But, what if they RAN TO THE ROAR instead?  Well, with their size (in number) and speed,  they could easily run past the ONE male lion on that end of the savannah and survive. 

It is this very analogy that I shared with Congressman Randy Forbes not long ago.  You see, our immediate reaction to something fear – or anxiety –– evoking is to run away from the roar, often into more dangerous or daunting circumstances.  I, like Congressman Forbes, believe that we stand as a nation in the middle of the grasslands and RUNNING TO THE ROAR is exactly what is required for us to move beyond our current (personal and global) obstacles and challenges. 

To hear more about RUNNING TO THE ROAR from Randy Forbes, visit his blog  and be on the lookout for the book he and I are co-authoring entitled, “RUN TO THE ROAR”.  

 

Run To The Roar Award

December 31, 2008

A Sinking Ship

Many organizations experience highs and lows and transitions that cause considerable uncertainty among members and test the very fiber of what a true leader is made of.  Such transitions are occurring in the business world on a daily basis and whether internal or external they tend to expose the core of an organization and test the true unity of its members. 

In the late 1980s Freedom Automotive of Norfolk, VA, was facing this very sort of transition with little hope of recovery.  With economic woes, poor market location, very little strategic edge, and a leader who was swiftly growing weary of the business itself, Freedom Ford was headed toward what looked like commercial ruin.

The Arrival of a Leader

In 1991 Scott Rigell became the president and owner of Freedom Automotive.  Rigell knew that the only way to turn this company around and make it succeed was to unite his employees behind a common vision rooted in common values.  He would have to focus on exceptional customer service by investing in those who administered it, his own employees. Coming from a state of seemingly unfixable brokenness and failure the company grew into a modern success story of fortitude, vision, values, and unification.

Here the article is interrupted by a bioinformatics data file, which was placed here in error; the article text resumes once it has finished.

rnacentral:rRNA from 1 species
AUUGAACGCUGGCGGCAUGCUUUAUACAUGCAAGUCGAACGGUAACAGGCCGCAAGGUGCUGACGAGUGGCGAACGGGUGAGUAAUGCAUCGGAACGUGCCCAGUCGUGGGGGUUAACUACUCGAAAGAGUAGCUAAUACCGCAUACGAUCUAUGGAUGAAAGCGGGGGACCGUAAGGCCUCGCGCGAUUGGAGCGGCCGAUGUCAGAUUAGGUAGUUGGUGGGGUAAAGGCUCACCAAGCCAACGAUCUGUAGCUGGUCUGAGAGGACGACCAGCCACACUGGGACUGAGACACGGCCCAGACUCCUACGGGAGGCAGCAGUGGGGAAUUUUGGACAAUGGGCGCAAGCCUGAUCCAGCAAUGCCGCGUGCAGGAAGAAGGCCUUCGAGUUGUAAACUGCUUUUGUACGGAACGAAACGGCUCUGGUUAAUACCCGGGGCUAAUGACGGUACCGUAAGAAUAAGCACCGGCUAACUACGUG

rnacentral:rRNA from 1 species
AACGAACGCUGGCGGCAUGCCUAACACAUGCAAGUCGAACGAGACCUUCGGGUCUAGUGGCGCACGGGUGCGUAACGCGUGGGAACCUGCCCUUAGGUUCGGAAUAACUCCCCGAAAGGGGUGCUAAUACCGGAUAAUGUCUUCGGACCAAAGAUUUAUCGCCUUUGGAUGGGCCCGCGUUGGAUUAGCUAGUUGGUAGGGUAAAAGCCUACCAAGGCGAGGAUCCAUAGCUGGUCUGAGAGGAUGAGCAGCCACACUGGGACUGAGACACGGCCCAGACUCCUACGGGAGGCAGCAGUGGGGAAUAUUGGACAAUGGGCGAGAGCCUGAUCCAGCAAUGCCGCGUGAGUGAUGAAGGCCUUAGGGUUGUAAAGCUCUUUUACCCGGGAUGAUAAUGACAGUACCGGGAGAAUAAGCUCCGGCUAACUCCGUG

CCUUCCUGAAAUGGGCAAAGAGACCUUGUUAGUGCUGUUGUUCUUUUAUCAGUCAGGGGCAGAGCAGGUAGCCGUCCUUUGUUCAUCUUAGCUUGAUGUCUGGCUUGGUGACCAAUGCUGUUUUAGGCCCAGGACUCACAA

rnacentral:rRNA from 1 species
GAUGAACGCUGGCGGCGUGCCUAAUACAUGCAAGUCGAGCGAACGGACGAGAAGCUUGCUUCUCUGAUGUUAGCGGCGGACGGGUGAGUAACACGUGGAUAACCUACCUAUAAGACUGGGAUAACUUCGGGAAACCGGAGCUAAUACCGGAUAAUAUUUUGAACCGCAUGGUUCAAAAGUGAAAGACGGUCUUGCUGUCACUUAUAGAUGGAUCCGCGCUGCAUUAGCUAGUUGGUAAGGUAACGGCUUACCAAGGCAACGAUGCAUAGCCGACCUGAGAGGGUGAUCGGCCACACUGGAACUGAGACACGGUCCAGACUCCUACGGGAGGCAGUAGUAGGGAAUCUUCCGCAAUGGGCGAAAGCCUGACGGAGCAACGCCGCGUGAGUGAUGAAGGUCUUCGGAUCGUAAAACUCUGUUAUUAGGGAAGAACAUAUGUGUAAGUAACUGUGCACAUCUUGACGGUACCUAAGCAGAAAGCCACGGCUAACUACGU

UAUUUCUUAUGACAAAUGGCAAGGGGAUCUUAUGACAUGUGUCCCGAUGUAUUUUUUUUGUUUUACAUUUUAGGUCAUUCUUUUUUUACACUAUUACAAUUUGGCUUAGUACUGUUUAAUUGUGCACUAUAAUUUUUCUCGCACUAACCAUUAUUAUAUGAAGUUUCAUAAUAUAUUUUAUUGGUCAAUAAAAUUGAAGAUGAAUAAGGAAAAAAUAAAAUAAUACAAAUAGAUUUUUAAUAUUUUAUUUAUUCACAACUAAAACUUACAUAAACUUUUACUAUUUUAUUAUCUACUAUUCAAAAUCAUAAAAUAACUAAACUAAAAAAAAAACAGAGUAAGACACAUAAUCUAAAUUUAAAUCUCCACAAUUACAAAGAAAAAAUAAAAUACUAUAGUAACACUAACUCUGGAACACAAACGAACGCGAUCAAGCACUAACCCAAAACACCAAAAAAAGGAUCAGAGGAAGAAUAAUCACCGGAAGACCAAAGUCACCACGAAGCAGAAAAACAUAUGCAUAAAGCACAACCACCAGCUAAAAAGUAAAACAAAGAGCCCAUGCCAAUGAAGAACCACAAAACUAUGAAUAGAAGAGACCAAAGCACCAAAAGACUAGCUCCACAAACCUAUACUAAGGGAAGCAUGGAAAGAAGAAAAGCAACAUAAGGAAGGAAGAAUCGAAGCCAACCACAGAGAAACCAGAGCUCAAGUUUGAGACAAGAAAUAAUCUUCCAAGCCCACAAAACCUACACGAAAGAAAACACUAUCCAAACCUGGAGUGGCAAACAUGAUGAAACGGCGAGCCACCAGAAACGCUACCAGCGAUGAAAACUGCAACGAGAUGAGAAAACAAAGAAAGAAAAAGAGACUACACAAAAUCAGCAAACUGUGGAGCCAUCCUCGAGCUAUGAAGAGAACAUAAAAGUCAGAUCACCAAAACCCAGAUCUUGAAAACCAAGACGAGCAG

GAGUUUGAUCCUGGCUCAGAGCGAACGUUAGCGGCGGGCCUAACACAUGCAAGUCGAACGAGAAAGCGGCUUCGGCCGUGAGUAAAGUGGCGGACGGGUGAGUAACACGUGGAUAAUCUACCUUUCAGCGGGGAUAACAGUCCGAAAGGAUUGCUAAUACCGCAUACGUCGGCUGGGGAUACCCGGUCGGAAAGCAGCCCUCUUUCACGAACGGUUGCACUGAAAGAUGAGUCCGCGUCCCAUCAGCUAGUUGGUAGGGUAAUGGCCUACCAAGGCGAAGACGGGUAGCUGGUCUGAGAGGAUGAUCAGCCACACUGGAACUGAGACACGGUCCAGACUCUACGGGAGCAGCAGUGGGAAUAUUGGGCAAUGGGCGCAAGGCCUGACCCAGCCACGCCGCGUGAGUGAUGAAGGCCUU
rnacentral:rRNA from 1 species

The Run to the Roar

In the face of the recent economic downturn Scott Rigell is once again demonstrating his courageous leadership by running toward the challenge. I was present last week at an all-company meeting where he re-affirmed his original vision for being a “Different Kind of Dealership.”  

He assured his employees that he would not waver in his commitment to investing in his company by providing innovative marketing.  Their customers would continue to experience the exceptional customer service they have come to expect. Employees would continue to receive world class training.  

He went further to say that he was increasing the company’s amount of contribution in the employees’ 401K plans.  But he didn’t stop there, he informed them that he would be reducing his salary by 66% and if necessary he would take no salary at all to ensure they continued to receive their benefits. Leadership like that takes courage and integrity, and that inspires all of us.

Way to go, Scott. Way to Run to the Roar!!

If you are in the market for a new car or truck be sure to check out Freedom Ford’s inventory.  You won’t be disappointed by their unyielding commitment to their customers.  

Tell us your stories by leaving a comment about how your organization and family are running to the roar during these tough times.

Author: Rolfe Carawan

Times are Changing at Work. Why Baby Boomers Must be Able to Accept Working With GenX and GenY Employees.

October 7, 2008

Why is it important to be able to accept working with younger people?

I believe the issue goes beyond being able to “accept” working with younger people – that has always been a reality for every maturing generation – to embracing working with them. The issue here is actually working with younger people instead of just alongside. If Boomers can embrace their role as, “old birds teaching young birds how to fly,” as C.S. Lewis put it, we can transition into leaving a legacy when we leave our job. Boomers must be willing to influence, educate, and mentor younger people.  Otherwise there will be a huge gap of contention between the two generations with counterproductive views of each other leading to bias and bitterness.  Not a healthy work environment.  Younger workers have much to learn from Boomers and Boomers have much to learn from them.  

Author: Rolfe Carawan

Our Economic Times are Tough… Is Unifying Leadership Too Much To Ask For?

October 3, 2008

(more…)